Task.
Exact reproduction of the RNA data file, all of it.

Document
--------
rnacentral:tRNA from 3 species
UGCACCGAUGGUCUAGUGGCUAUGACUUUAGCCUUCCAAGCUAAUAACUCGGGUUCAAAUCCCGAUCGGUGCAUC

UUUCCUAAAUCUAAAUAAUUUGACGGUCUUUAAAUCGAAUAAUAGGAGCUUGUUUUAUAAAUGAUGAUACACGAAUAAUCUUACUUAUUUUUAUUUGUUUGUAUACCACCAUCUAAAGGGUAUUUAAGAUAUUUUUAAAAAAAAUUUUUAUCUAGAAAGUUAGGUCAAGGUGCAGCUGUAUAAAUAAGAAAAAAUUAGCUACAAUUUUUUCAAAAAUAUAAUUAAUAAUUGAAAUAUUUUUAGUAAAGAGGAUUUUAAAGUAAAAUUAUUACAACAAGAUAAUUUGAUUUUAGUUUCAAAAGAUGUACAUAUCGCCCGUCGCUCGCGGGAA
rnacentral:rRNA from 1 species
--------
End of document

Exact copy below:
rnacentral:tRNA from 3 species
UGCACCGAUGGUCUAGUGGCUAUGACUUUAGCCUUCCAAGCUAAUAACUCGGGUUCAAAUCCCGAUCGGUGCAUC

UUUCCUAAAUCUAAAUAAUUUGACGGUCUUUAAAUCGAAUAAUAGGAGCUUGUUUUAUAAAUGAUGAUACACGAAUAAUCUUACUUAUUUUUAUUUGUUUGUAUACCACCAUCUAAAGGGUAUUUAAGAUAUUUUUAAAAAAAAUUUUUAUCUAGAAAGUUAGGUCAAGGUGCAGCUGUAUAAAUAAGAAAAAAUUAGCUACAAUUUUUUCAAAAAUAUAAUUAAUAAUUGAAAUAUUUUUAGUAAAGAGGAUUUUAAAGUAAAAUUAUUACAACAAGAUAAUUUGAUUUUAGUUUCAAAAGAUGUACAUAUCGCCCGUCGCUCGCGGGAA
rnacentral:rRNA from 1 species